SYNC(2) BSD System Calls Manual SYNC(2)NAME
sync -- synchronize disk block in-core status with that on disk
Standard C Library (libc, -lc)
The sync() function forces a write of dirty (modified) buffers in the block buffer cache out to disk. The kernel keeps this information in
core to reduce the number of disk I/O transfers required by the system. As information in the cache is lost after a system crash, kernel
thread ioflush ensures that dirty buffers are synced to disk eventually. By default, a dirty buffer is synced after 30 seconds, but some
filesystems exploit ioflush features to sync directory data and metadata faster (after 15 and 10 seconds, respectively).
The function fsync(2) may be used to synchronize individual file descriptor attributes.
Many modern disks contain write-back caches. In theory sync() flushes these. In practice there are many possible ways for this mechanism to
go astray. It is prudent (where possible) to allow a few seconds after syncing for everything to settle before e.g. turning off the power.
It may also be desirable to use dkctl(8) or scsictl(8) to disable the write-back cache entirely.
SEE ALSO fsync(2), dkctl(8), scsictl(8), sync(8)HISTORY
A sync() function call appeared in Version 6 AT&T UNIX.
Historically, sync() would schedule buffers for writing but not actually wait for the writes to finish. It was necessary to issue a second
or sometimes a third call to ensure that all buffers had in fact been written out. In NetBSD, sync() does not return until all buffers have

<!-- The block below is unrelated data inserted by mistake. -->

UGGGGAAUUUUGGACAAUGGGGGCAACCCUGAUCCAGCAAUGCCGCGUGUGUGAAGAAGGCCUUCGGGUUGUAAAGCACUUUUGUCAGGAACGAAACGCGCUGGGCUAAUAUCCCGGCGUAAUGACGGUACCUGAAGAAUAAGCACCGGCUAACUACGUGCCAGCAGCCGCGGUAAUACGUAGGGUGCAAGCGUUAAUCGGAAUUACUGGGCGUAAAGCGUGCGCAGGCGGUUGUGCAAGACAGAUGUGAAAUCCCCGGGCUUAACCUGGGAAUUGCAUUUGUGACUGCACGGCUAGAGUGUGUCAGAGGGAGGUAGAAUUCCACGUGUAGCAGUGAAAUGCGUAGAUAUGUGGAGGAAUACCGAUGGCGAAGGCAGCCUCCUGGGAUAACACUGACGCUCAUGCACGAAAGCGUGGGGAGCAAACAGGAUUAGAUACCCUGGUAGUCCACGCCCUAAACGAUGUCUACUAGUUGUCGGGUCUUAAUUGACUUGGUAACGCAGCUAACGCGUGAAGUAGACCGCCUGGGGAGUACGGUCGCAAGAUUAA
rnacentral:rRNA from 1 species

BSD March 25, 2009 BSD
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I have a directory called sync and the directory path is ftp/exports/sync. What I would like to do is place some documents in sync for external users to view and would like to have access restriction for the sync directory. i.e. login and password. How do I go about doing this in a Unix enviorment.... (3 Replies)
I am trying to observe system behavior on our RHEL 5.2 machines. I notice that, it appears to me, based on random iterations of
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I am writing a script to wipe my hard disk, in a relatively secure manner by over-writing the disk with 3 patterns. So, I run the dd/dcfldd command 3 times with a sync call in between each command call in the script.
dcfldd pattern=99 conv=notrunc of=/dev/sda
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Anyone know how to go about skipping the initial disk sync of a newly created drbd resource?
I'm creating brand new 30gb partitions and would like to skip the entire initial sync, I've read this is possible but I cannot seem to find the instructions to do it.
Trey (2 Replies)
i've always been of the mind that having to write to disk is very sloppy and dirty. i personally hate this.
so i wonder, is there a way to have a shell script/program write to memory and access whatever it has in memory whenever it wants. pretty much treat memory like hard disk.
can... (2 Replies)
Please look in to the below issue and advise how to fix the issue. I tried syncvg but it gives me an error. Recently we have upgraded the service pack in this lpar.
pmut8# lsvg -l rootvg | grep -i stale
paging00 ... (3 Replies)
Guys can anyone tell how can we do faster disk cloning
Below i found in google
1. dd if=/dev/sda of=/dev/sdb bs=4096 conv=noerror,sync
So adding "conv=noerror,sync " makes it faster looks against not adding it
2. Enable write cache activated (hdparm -W1 /dev/sda) then run dd ..
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